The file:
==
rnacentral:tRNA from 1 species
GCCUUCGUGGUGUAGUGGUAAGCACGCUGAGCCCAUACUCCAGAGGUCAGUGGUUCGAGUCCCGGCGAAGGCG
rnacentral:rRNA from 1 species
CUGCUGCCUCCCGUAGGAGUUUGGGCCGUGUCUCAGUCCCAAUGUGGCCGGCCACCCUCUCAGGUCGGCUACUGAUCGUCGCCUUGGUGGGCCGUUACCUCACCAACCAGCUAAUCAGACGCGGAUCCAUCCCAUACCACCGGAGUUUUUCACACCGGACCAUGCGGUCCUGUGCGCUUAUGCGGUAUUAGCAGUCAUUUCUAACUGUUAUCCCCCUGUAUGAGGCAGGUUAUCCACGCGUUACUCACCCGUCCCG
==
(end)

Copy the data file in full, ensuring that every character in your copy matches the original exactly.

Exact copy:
rnacentral:tRNA from 1 species
GCCUUCGUGGUGUAGUGGUAAGCACGCUGAGCCCAUACUCCAGAGGUCAGUGGUUCGAGUCCCGGCGAAGGCG
rnacentral:rRNA from 1 species
CUGCUGCCUCCCGUAGGAGUUUGGGCCGUGUCUCAGUCCCAAUGUGGCCGGCCACCCUCUCAGGUCGGCUACUGAUCGUCGCCUUGGUGGGCCGUUACCUCACCAACCAGCUAAUCAGACGCGGAUCCAUCCCAUACCACCGGAGUUUUUCACACCGGACCAUGCGGUCCUGUGCGCUUAUGCGGUAUUAGCAGUCAUUUCUAACUGUUAUCCCCCUGUAUGAGGCAGGUUAUCCACGCGUUACUCACCCGUCCCG